Burgess Owens, the GOP nominee in Utah’s 4th Congressional District, appears to be at the center of a campaign finance controversy with a week to go until Election Day.
The New York Times reported Tuesday that Owens' campaign accepted more than $135,000 in illegal campaign contributions, which is approximately 40% of the money he has available for the stretch run to the election.
A review of Owens' campaign finance filing confirms multiple donations over the legal limit stretching as far back as July 1 of this year. Among the prominent Utahns who have donated more than the legal limit include Greg Miller and Susan Bramble, spouse of a well-known state lawmaker.
All of the donations in question have a notation on the report that the amounts are not permitted and that the campaign is waiting for written directions from the donors about what to do with the cash.
Federal Election Commission rules allow donors to reallocate excessive amounts to another member of the household, or to another election, so long as that person is not also over the limit. The other option is a refund.
“With 50,000 donors donating online over the course [of the campaign], there’s going to be some that donate over and you either reattribute it, you send out reattribution letters and if not you refund it. That’s why the FEC has those processes in place; the candidates can’t control that,” said Owens campaign spokesperson Jesse Ranney in an email statement.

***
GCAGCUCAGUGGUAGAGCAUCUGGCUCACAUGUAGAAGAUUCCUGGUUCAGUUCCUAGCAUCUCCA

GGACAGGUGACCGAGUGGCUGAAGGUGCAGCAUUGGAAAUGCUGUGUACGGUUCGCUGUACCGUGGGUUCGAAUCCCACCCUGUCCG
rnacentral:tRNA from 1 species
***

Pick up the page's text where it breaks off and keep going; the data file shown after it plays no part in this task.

It’s not clear from campaign filings whether the campaign has indeed remedied the disputed donations. If they do, it will likely be detailed in a supplemental report.
While the issue is sorted out, Owens could be facing a cash crunch in the final days of the contest as FEC rules say campaigns have to hold on to these donations until they are either reallocated or refunded. Owens had about $325,000 on hand according to his pre-general election filing, which may include the money at the center of the controversy.
The McAdams campaign pounced on the news in an email statement, calling for the Owens camp to divest itself of the campaign cash.
“It’s clear he has taken illegal donations that he cannot spend. He should come clean and refund all the money he is holding illegally," said campaign manager Andrew Roberts.
Even if Owens is able to fix the issue, it has not been done in a timely manner. FEC rules give campaigns 60 days for the reallocation or a refund. Many of the donations that are under scrutiny are outside of that window. The most likely punishment for that transgression is a fine.
Individual donors are limited to $2,800 for each election cycle. Since Owens had to win the GOP nomination in a primary election, a single person could give $2,800 for the primary, then another $2,800 for the general election.
This current campaign cash controversy may spawn memories of a similar dispute that enveloped Mia Love’s reelection bid two years ago. Love’s campaign improperly raised more than a million dollars for a primary election that year even though she knew she would not face a primary challenge. After weeks of controversy, Love’s campaign redesignated less than half of that money from the primary to the general election and refunded about $10,000. A complaint with the FEC for Love’s deceptive fundraising practices is still pending.
The race between Owens and Democrat Ben McAdams is one of the tightest in the country. Owens raised an astonishing $2.5 million in the July-September fundraising period to erase a massive cash gap with McAdams. Between the candidates and outside groups, more than $19 million has poured into the race in which the statistic analysis website FiveThirtyEight gives McAdams a 56 in 100 chance of winning.
The most recent survey of the contest gave Owens a one-point lead over McAdams, but that was well within the margin of error, meaning the race is essentially tied.